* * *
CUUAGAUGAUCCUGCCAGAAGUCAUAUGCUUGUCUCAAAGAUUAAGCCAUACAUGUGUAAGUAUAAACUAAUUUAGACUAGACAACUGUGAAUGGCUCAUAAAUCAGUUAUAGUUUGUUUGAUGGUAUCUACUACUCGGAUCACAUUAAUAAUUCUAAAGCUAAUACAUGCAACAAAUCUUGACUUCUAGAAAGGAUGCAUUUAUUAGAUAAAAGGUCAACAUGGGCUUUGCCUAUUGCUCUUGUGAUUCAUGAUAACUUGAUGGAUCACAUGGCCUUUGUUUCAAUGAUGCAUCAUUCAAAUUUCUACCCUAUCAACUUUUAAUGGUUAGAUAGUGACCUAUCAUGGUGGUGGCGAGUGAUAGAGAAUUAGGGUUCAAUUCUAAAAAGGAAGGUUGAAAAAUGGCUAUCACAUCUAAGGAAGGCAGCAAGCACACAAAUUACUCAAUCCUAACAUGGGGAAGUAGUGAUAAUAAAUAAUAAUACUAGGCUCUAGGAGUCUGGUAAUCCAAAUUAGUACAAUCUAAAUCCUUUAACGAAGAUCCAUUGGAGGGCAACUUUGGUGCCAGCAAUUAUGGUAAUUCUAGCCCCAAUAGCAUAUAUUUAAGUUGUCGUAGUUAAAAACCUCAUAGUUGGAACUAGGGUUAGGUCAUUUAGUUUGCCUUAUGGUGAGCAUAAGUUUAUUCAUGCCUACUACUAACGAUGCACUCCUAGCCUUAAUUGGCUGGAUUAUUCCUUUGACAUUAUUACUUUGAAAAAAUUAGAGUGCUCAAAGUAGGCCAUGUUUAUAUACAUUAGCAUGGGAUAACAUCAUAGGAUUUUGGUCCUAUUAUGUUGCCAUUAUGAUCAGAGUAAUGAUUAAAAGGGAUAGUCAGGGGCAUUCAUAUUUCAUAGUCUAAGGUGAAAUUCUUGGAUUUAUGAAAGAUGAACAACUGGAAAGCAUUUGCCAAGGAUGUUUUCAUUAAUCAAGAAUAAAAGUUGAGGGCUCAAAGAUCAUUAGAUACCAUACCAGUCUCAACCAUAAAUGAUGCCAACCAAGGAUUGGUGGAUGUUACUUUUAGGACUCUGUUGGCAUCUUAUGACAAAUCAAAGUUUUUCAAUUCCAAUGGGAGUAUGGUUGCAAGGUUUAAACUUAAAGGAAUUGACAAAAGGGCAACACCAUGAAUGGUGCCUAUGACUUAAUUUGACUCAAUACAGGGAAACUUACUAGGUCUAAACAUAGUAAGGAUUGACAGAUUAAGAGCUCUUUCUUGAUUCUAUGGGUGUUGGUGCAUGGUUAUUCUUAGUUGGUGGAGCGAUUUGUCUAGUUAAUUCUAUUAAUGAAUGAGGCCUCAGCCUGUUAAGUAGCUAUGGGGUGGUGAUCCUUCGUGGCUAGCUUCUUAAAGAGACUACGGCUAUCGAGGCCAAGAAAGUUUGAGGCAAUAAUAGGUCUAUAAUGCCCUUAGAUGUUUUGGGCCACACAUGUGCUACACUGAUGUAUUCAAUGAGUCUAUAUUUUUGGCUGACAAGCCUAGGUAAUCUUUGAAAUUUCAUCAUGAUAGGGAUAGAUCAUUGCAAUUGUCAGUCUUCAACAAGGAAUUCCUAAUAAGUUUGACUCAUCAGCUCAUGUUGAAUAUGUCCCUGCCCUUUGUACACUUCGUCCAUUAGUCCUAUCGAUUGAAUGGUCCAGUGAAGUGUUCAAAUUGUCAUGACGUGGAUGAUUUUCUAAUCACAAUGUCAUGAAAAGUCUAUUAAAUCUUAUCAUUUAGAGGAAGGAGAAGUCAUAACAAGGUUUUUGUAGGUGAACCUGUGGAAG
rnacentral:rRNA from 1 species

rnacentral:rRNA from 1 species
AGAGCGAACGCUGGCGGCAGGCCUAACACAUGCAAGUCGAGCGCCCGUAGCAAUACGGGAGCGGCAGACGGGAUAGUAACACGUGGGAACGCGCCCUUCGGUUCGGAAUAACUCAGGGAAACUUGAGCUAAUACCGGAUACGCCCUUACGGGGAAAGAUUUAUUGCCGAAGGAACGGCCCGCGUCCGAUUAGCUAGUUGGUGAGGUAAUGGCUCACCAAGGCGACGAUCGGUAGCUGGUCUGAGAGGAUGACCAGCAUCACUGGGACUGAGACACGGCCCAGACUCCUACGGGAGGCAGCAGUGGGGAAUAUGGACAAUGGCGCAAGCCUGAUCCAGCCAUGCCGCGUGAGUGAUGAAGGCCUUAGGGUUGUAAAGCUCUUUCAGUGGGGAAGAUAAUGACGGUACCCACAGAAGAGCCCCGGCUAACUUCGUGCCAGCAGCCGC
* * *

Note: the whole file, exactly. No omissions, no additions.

CUUAGAUGAUCCUGCCAGAAGUCAUAUGCUUGUCUCAAAGAUUAAGCCAUACAUGUGUAAGUAUAAACUAAUUUAGACUAGACAACUGUGAAUGGCUCAUAAAUCAGUUAUAGUUUGUUUGAUGGUAUCUACUACUCGGAUCACAUUAAUAAUUCUAAAGCUAAUACAUGCAACAAAUCUUGACUUCUAGAAAGGAUGCAUUUAUUAGAUAAAAGGUCAACAUGGGCUUUGCCUAUUGCUCUUGUGAUUCAUGAUAACUUGAUGGAUCACAUGGCCUUUGUUUCAAUGAUGCAUCAUUCAAAUUUCUACCCUAUCAACUUUUAAUGGUUAGAUAGUGACCUAUCAUGGUGGUGGCGAGUGAUAGAGAAUUAGGGUUCAAUUCUAAAAAGGAAGGUUGAAAAAUGGCUAUCACAUCUAAGGAAGGCAGCAAGCACACAAAUUACUCAAUCCUAACAUGGGGAAGUAGUGAUAAUAAAUAAUAAUACUAGGCUCUAGGAGUCUGGUAAUCCAAAUUAGUACAAUCUAAAUCCUUUAACGAAGAUCCAUUGGAGGGCAACUUUGGUGCCAGCAAUUAUGGUAAUUCUAGCCCCAAUAGCAUAUAUUUAAGUUGUCGUAGUUAAAAACCUCAUAGUUGGAACUAGGGUUAGGUCAUUUAGUUUGCCUUAUGGUGAGCAUAAGUUUAUUCAUGCCUACUACUAACGAUGCACUCCUAGCCUUAAUUGGCUGGAUUAUUCCUUUGACAUUAUUACUUUGAAAAAAUUAGAGUGCUCAAAGUAGGCCAUGUUUAUAUACAUUAGCAUGGGAUAACAUCAUAGGAUUUUGGUCCUAUUAUGUUGCCAUUAUGAUCAGAGUAAUGAUUAAAAGGGAUAGUCAGGGGCAUUCAUAUUUCAUAGUCUAAGGUGAAAUUCUUGGAUUUAUGAAAGAUGAACAACUGGAAAGCAUUUGCCAAGGAUGUUUUCAUUAAUCAAGAAUAAAAGUUGAGGGCUCAAAGAUCAUUAGAUACCAUACCAGUCUCAACCAUAAAUGAUGCCAACCAAGGAUUGGUGGAUGUUACUUUUAGGACUCUGUUGGCAUCUUAUGACAAAUCAAAGUUUUUCAAUUCCAAUGGGAGUAUGGUUGCAAGGUUUAAACUUAAAGGAAUUGACAAAAGGGCAACACCAUGAAUGGUGCCUAUGACUUAAUUUGACUCAAUACAGGGAAACUUACUAGGUCUAAACAUAGUAAGGAUUGACAGAUUAAGAGCUCUUUCUUGAUUCUAUGGGUGUUGGUGCAUGGUUAUUCUUAGUUGGUGGAGCGAUUUGUCUAGUUAAUUCUAUUAAUGAAUGAGGCCUCAGCCUGUUAAGUAGCUAUGGGGUGGUGAUCCUUCGUGGCUAGCUUCUUAAAGAGACUACGGCUAUCGAGGCCAAGAAAGUUUGAGGCAAUAAUAGGUCUAUAAUGCCCUUAGAUGUUUUGGGCCACACAUGUGCUACACUGAUGUAUUCAAUGAGUCUAUAUUUUUGGCUGACAAGCCUAGGUAAUCUUUGAAAUUUCAUCAUGAUAGGGAUAGAUCAUUGCAAUUGUCAGUCUUCAACAAGGAAUUCCUAAUAAGUUUGACUCAUCAGCUCAUGUUGAAUAUGUCCCUGCCCUUUGUACACUUCGUCCAUUAGUCCUAUCGAUUGAAUGGUCCAGUGAAGUGUUCAAAUUGUCAUGACGUGGAUGAUUUUCUAAUCACAAUGUCAUGAAAAGUCUAUUAAAUCUUAUCAUUUAGAGGAAGGAGAAGUCAUAACAAGGUUUUUGUAGGUGAACCUGUGGAAG
rnacentral:rRNA from 1 species

rnacentral:rRNA from 1 species
AGAGCGAACGCUGGCGGCAGGCCUAACACAUGCAAGUCGAGCGCCCGUAGCAAUACGGGAGCGGCAGACGGGAUAGUAACACGUGGGAACGCGCCCUUCGGUUCGGAAUAACUCAGGGAAACUUGAGCUAAUACCGGAUACGCCCUUACGGGGAAAGAUUUAUUGCCGAAGGAACGGCCCGCGUCCGAUUAGCUAGUUGGUGAGGUAAUGGCUCACCAAGGCGACGAUCGGUAGCUGGUCUGAGAGGAUGACCAGCAUCACUGGGACUGAGACACGGCCCAGACUCCUACGGGAGGCAGCAGUGGGGAAUAUGGACAAUGGCGCAAGCCUGAUCCAGCCAUGCCGCGUGAGUGAUGAAGGCCUUAGGGUUGUAAAGCUCUUUCAGUGGGGAAGAUAAUGACGGUACCCACAGAAGAGCCCCGGCUAACUUCGUGCCAGCAGCCGC